Free Newsletters - Space News - Defense Alert - Environment Report - Energy Monitor
. Earth Science News .




WATER WORLD
Now in Science: It's not too late for troubled fisheries
by Staff Writers
Santa Barbara CA (SPX) Oct 03, 2012


An interesting finding - again, made possible by employing this new assessment tool for data-poor fisheries - is that in large-scale fisheries, stocks that are measured and tracked are at similar levels as those that that have not been formally measured.

A study published in Science magazine and co-authored by Bren School Sustainable Fisheries Group (SFG) researchers and their colleagues confirms suspicions that thousands of "data-poor" fisheries, representing some 80 percent of the world's fisheries, are in decline but could recover with proper management.

The authors of "Status and Solutions for the World's Unassessed Fisheries" also found that taking quick action to allow depleted stocks to recover to sustainable levels could result in future catches that are 8 to 40 percent larger than are predicted if current unsustainable fishing practices continue.

The findings were made possible by a new assessment technique developed by the researchers, which allowed them to determine fish population status using far less data than are required by a traditional stock assessment, which is both expensive and time-consuming and impractical for a high percentage of the world's fisheries.

Substantial population data are available for only about 20 percent of the world's 10,000 fish stocks, and those well-studied fisheries tend to be in better shape than fisheries for which little data exist.

"For most fisheries, we simply didn't know how many fish were out there and whether their populations were trending up or down," says lead author and Bren School professor of economics Christopher Costello. "Without good information on fish populations, it can be hard to manage sustainably. It's like trying to decide how far you can drive your car without knowing how much gas is in the tank."

Further, Costello explains, lacking sound estimates for a stock's population, "Political pressure tends to dominate decision making, and we end up catching too much. Over time, this can lead a fishery to collapse."

Co-author and Bren School dean, Steve Gaines, describes the data-rich 20 percent of fisheries as "a tiny slice that can give us a skewed view" of the health of global fisheries.

The authors caution that the new assessment method cannot take the place of formal assessment programs for individual fisheries, but they do provide accurate global and regional information that can be used to inform fisheries management decisions.

"Using these tools at a regional scale, we can gain up to 80 percent of the insights of traditional assessment approaches at just 1 percent of the cost," says Gaines.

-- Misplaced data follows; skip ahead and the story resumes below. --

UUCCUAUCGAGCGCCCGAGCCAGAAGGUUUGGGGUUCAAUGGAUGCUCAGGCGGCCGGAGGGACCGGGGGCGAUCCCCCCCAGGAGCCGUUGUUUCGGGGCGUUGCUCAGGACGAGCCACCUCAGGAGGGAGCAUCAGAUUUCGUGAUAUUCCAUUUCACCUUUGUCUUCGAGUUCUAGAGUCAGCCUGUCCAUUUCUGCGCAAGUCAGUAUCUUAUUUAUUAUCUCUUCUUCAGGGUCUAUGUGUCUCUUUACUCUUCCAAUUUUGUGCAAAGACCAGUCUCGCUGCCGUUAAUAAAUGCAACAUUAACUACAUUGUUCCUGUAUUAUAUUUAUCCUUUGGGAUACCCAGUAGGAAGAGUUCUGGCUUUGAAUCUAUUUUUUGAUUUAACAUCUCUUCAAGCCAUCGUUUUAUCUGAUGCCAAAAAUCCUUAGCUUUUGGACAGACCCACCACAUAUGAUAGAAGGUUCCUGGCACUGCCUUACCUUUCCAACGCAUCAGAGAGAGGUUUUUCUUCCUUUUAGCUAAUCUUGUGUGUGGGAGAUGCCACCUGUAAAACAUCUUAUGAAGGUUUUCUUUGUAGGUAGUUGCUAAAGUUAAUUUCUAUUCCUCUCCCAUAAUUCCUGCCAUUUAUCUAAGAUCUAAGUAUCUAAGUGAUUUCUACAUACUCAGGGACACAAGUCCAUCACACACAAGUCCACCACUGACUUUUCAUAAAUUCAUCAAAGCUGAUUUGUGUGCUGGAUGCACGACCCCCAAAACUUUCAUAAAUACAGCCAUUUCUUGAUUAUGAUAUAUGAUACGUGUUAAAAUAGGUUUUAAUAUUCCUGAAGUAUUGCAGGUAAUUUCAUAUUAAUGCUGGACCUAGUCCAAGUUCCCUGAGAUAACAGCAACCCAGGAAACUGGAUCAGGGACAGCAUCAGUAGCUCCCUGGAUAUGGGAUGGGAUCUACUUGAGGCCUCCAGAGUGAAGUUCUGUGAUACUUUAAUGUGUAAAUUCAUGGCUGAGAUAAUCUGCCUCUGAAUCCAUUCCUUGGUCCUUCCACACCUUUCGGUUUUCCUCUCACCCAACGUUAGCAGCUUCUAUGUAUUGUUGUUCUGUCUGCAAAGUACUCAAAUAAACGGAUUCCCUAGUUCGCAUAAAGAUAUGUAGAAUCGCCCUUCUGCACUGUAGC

The tool enabled the researchers to provide a new global status report that includes these previously unmeasured fisheries, bringing thousands of what managers call "unassessed" fisheries into focus.

The results show that more than half of the world's fisheries are in decline and that, across the globe, stocks for which robust data exist are doing better than those that are less-studied, regardless of which country manages them.

"If we look at assessed stocks, we can be pretty satisfied that fishery management systems are generally working to ensure long-term sustainability," says University of Washington scientist and co-author Ray Hilborn. "For previously unassessed stocks, this doesn't appear to be true."

An interesting finding - again, made possible by employing this new assessment tool for data-poor fisheries - is that in large-scale fisheries, stocks that are measured and tracked are at similar levels as those that that have not been formally measured.

But under current fishing pressure, their futures look very different: the assessed stocks are starting to show signs of recovery, while fisheries for which little data exists continue to decline.

Further, in small-scale fisheries, data-poor stocks are in far worse shape than their well-studied counterparts, and many are plummeting at alarming rates. These small-scale, data-poor fisheries are critical to local food security in many parts of the world.

While the impact on food security is most significant for local-level (small-scale) fisheries in poorer countries, explains co-author, UCSB ecologist, and SFG scientist Sarah Lester, "This isn't just a developing-world problem. Small, unassessed fisheries in the U.S. and Europe are often in as bad a shape as those in the developing world."

While many of the world's fisheries are in trouble, the authors suggest that the majority of them can still rebound with better management.

"Strong management could increase the number of fish in the ocean by more than 50 percent," says Gaines. "When fish populations are healthy they produce more young. It may seem paradoxical, but we can get more fish on our plates by leaving more in the water."

Time is of the essence. "These fisheries can rebound," Costello says, "but the longer we wait, the harder and more costly it will be to bring them back. In another ten years, the window of opportunity may have closed."